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Published 09/24/2019 | Reading Time 2 min 2 sec
OPINION | By Autumn Brown
A child, under the influence of THC and allergy medicine: Naked!
He was posing absolutely no threat to officers!
He was killed!
A man, admittedly under the influence of acid. Opens fire at officers — wounds a college campus officer, is tased and peacefully brought into custody
One was black — the other white.
I’m positive that I am not alone when I say that I am sick to death of this narrative.
Black men and boys are 2.5 times more likely to be killed by police officers than their white counterparts. With Latino men and boys as well as black women and girls also killed at higher rates. “About 1 in 1,000 black men and boys in America can expect to die at the hands of police,” says Amina Khan, staff writer for the Los Angeles Times.
Fresh off the news that Oklahoma County District Attorney David Prater, “[did] not find probable cause to charge either Sgt. Milo Box or Officer Denton Scherman with a criminal act,” I am in a state of disgust.
“But Lewis didn’t listen to officers.” “He assaulted cops.” “He was non-compliant.”
These excuses and more fall on deaf ears when we see firsthand the treatment of white assailants versus black. It’s an outrage. And I wonder how we as a community can stop this madness.
In the words of Angela Davis, “I am no longer accepting the things I cannot change. I am changing the things I cannot accept.”
We need change, y’all. And I’m not talking policy or statute. Oklahoma statute was cited in Prater’s decision not to charge the officers who murdered Lewis.
When I say change, I mean community empowerment. I mean something resembling the Black Panther Party, originally the Black Panther Party for Self-Defense. Those empowered to protect and serve are murdering us. Sexually assaulting us and abusing us.
It’s time we take back control over our own lives. At its inception, the party’s core was the practice of arming its citizens to monitor the behavior of officers in Oakland.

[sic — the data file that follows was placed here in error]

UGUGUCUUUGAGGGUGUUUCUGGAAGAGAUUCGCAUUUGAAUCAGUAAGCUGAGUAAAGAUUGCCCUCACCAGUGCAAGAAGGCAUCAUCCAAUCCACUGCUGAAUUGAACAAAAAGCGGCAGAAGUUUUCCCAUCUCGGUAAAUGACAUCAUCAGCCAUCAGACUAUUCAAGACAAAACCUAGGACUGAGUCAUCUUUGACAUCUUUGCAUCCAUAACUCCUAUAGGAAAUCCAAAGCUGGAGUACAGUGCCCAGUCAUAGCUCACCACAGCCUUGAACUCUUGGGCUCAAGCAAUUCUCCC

Why is this a far-fetched idea present day? Police are still murdering us without recourse. And those we vote into power are not protecting our best interests.
Enough is enough. It’s not enough to only verbalize #BlackLivesMatter. We have to make the public feel it.
Revolution happens when we organize and form political power. Solidarity among our community. We can’t fight fire with fire, but we can work together to extinguish the blaze that continues to ensue the black community.
No more death at the hands of pigs!
Assata Shakur said, “I’m not quite sure what freedom is, but I know damn well what it ain’t.”
This ain’t freedom!
My heart and soul goes out to the family of Isaiah Lewis. You should have seen your baby boy graduate. Go to college. Grow into the beautiful black man he was destined to become. We will not forget him. We will not forget this. We will continue to fight corruption and murderers with a badge.
Remember his name!
Autumn Brown is a doctoral student in social foundations of education at Oklahoma State University. Social foundations analyzes and explains educational issues, policies, and practices through the lenses of history, philosophy, anthropology, sociology, and cultural studies. Its goal is to improve the educational experiences for members belonging to marginalized groups. Her research focus centers around the experiences of black women in STEM and black women within the academy. She also researches racial body politics, sexuality, and intimate justice for black women. She has published a book chapter titled “Breaking the silence: Black women’s experience with abortion,” and has presented her work on the intense policing of the black female body nationally. Autumn plans on continuing her pursuits in bringing awareness to the injustices imposed on members within her community, and advocating for equitable education for black and brown students. She plans on finishing her Ph.D. in May 2020 and hopes to move into a tenure-tracked faculty position at a top tier research university.